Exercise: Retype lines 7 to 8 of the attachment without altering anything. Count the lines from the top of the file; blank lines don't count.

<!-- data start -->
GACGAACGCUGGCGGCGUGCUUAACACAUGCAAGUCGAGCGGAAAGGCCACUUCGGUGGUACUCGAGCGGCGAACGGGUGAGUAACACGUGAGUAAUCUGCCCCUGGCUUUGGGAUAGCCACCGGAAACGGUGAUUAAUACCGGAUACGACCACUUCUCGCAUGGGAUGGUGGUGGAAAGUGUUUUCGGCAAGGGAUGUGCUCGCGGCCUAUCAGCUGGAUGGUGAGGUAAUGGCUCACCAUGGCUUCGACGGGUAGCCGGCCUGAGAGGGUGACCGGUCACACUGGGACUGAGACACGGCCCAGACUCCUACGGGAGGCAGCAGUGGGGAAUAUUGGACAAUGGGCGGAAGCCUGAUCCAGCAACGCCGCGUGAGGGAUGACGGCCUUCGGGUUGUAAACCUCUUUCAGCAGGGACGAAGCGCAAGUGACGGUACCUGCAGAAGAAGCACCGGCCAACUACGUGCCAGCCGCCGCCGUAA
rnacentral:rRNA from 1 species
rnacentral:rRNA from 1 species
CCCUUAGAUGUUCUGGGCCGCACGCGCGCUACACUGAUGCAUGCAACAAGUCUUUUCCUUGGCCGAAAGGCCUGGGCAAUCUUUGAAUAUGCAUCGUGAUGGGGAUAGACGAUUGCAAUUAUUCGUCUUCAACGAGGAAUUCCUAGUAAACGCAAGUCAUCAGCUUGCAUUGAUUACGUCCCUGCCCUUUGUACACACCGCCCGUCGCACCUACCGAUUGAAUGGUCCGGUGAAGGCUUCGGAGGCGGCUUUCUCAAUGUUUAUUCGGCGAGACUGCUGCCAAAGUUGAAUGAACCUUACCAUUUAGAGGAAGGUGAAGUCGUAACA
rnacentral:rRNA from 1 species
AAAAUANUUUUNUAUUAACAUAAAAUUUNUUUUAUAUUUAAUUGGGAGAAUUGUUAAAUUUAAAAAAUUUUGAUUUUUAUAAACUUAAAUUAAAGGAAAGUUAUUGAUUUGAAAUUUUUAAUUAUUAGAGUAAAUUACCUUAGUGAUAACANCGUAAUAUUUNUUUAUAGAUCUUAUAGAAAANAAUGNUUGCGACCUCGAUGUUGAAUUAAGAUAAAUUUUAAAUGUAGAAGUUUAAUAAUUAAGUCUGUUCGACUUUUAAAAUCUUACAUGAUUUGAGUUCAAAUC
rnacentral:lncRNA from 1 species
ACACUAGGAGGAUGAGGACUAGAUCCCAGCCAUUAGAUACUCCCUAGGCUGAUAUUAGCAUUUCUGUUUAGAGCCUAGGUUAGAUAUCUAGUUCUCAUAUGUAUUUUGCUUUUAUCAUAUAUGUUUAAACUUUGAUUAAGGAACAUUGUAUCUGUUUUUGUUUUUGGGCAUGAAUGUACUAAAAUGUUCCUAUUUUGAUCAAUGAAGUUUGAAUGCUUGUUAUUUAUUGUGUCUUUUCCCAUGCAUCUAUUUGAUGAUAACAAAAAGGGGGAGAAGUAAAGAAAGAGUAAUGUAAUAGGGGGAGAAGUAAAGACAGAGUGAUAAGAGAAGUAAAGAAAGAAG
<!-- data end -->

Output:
rnacentral:lncRNA from 1 species
ACACUAGGAGGAUGAGGACUAGAUCCCAGCCAUUAGAUACUCCCUAGGCUGAUAUUAGCAUUUCUGUUUAGAGCCUAGGUUAGAUAUCUAGUUCUCAUAUGUAUUUUGCUUUUAUCAUAUAUGUUUAAACUUUGAUUAAGGAACAUUGUAUCUGUUUUUGUUUUUGGGCAUGAAUGUACUAAAAUGUUCCUAUUUUGAUCAAUGAAGUUUGAAUGCUUGUUAUUUAUUGUGUCUUUUCCCAUGCAUCUAUUUGAUGAUAACAAAAAGGGGGAGAAGUAAAGAAAGAGUAAUGUAAUAGGGGGAGAAGUAAAGACAGAGUGAUAAGAGAAGUAAAGAAAGAAG